SANA, Associated Press
TEHRAN, Iran — International envoy Kofi Annan said Tuesday that Iran must be "part of the solution" to the bloody crisis in its close ally Syria, and that the Tehran has offered its support to end the conflict.
Annan is reaching out to Syria's allies to salvage his faltering peace plan for the 16-month-old crisis in Syria, which activists say has killed more than 17,000 people. The trip to Tehran comes a day after Annan agreed with Syrian President Bashar Assad on a new framework to stop the violence.
"My presence here proves that I believe Iran can play a positive role and should therefore be a part of the solution in the Syrian crisis," Annan told reporters in Tehran after meeting with Iranian Foreign Minister Ali Akbar Salehi.
He said that he has "received encouragement and cooperation" from the Iranian government, he said but did not specify what support Tehran has offered.
A staunch ally of Syria, Iran has provided Assad with military and political backing for years, and has kept up its strong support for the regime since the Syrian uprising began in March 2011.
Annan did not say what kind of involvement he saw for Iran in resolving the crisis, nor did Salehi spell out what Iran was willing to do to help tame the violence.
Anti-regime fighters have dismissed any role for Iran in a plan they and some others say has little hope of succeeding. The United States, meanwhile, has rejected Iranian participation in international meetings on the Syrian crisis.
Annan brokered a six-point peace plan earlier this year, but it has struggled to gain traction on the ground.
Government forces and rebels have widely disregarded a cease-fire that was to begin in April, and spreading violence has kept nearly 300 U.N. observers monitoring the truce stuck in their hotels in Syria.
After a two-hour meeting with Assad on Monday, Annan said the men had agreed on "an approach" to stop the violence, and that the diplomat would share it with the armed opposition.
He declined to provide more details on the new framework Tuesday in Tehran, saying only that "it relates to the efforts to end the violence.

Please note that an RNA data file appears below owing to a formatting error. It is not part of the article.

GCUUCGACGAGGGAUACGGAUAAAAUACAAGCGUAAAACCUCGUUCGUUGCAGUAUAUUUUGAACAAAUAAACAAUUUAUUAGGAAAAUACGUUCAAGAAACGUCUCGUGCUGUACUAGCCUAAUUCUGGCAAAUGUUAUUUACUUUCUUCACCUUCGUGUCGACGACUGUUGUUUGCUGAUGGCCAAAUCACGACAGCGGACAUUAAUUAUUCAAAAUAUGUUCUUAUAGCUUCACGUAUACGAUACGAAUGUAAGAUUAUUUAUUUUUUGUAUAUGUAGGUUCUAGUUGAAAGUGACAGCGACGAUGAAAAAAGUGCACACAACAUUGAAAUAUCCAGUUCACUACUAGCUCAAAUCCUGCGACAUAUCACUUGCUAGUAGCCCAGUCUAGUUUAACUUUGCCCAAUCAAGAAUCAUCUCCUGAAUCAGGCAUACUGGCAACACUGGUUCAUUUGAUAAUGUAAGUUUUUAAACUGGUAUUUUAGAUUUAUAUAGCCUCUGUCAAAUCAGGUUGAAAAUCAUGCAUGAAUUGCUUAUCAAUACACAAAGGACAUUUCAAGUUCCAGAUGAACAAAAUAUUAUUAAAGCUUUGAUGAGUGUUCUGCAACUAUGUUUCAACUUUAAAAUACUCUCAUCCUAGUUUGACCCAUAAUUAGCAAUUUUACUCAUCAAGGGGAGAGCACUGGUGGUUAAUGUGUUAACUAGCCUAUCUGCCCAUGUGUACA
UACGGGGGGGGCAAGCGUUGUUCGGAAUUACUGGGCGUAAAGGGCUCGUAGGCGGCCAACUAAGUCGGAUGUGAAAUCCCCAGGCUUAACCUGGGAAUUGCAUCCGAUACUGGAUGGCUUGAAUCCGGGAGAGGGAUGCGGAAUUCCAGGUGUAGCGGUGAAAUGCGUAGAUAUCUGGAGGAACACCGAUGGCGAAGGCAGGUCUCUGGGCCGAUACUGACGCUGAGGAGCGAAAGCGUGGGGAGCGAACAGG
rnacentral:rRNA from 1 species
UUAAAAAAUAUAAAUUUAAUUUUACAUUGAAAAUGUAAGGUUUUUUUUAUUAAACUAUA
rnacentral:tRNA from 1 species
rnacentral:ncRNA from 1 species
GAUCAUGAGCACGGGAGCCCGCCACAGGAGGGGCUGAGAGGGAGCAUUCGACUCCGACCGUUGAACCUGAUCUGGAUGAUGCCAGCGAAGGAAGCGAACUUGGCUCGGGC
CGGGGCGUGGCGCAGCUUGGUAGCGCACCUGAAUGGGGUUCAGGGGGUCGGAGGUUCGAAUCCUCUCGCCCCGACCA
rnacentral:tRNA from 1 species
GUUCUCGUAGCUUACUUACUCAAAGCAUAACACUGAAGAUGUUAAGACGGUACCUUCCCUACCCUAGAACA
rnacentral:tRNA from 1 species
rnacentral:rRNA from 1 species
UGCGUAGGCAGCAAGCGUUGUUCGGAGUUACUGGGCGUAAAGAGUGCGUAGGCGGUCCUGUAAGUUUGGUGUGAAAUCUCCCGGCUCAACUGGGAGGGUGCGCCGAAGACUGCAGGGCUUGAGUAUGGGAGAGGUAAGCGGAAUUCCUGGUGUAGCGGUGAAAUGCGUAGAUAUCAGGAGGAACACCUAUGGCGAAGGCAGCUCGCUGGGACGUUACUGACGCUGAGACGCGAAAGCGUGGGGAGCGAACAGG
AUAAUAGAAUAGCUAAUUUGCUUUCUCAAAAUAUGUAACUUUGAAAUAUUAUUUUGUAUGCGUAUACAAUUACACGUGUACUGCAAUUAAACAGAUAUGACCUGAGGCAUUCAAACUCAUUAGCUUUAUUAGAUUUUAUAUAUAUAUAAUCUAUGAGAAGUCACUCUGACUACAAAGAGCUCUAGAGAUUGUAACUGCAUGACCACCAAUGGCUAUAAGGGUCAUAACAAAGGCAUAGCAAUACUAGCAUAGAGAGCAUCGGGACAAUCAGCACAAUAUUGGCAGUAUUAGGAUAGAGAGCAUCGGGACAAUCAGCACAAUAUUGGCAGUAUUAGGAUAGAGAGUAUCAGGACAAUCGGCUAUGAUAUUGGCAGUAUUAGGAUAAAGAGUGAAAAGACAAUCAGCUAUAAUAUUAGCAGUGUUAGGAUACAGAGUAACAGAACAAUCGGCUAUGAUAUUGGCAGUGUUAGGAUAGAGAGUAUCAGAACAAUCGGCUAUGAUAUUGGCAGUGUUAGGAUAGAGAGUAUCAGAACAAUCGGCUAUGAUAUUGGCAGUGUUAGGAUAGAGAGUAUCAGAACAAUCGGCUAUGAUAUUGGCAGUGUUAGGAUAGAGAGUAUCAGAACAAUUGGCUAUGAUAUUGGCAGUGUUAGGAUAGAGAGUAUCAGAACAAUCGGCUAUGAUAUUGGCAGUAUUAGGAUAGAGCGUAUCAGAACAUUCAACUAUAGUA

"The details (have) to be worked out with the opposition. We have to discuss this with them. That's why I can't go into details but it relates to end the violence," he told reporters.
But the U.N. envoy stressed the urgency of finding a solution to the crisis.
"If we don't make a real effort to resolve this issue peacefully and it were to get out of hand and spread in the region, it can lead to consequences that none of us could imagine," he said.
Since Assad took power following the death of his father, Hafez, in 2000, he has deepened cultural, political and economic ties with Iran, making it Syria's strongest regional ally. Tehran, in turn, has boosted Assad's military, providing it with advanced communications technology and weapons, as well as sending elite military advisers.
All of this makes Iran unlikely to support change in Syria.
Salehi, Iran's foreign minister, said Tehran backs the rights of the Syrian people but opposes military intervention, and blamed the conflict's increasingly chaotic violence on the meddling of foreign powers.
"Unfortunately, the unwise interference of others has caused the situation in Syria to remain critical," he said. "The worsening of the situation should not happen. It would not benefit anyone in the region."
The Syrian conflict has spilled outside the border several times. On Tuesday, the Lebanese army said shells were fired into Lebanon from Syria during an overnight exchange of fire along the countries' border.
The Red Cross and Lebanon's NNA state news agency say a Lebanese and two Syrians died — one of them from a heart attack and two others when their motorcycle hit a car in the Wadi Khaled area, where the clashes took place Tuesday.
The Lebanese government decided at a Cabinet meeting Monday night to boost the army's presence along the volatile border, where shells fired from Syria have killed and wounded several Lebanese in the past few weeks.
Syria says the frontier is being used for smuggling weapons to rebels.
Associated Press writer Zeina Karam contributed to this report from Beirut.
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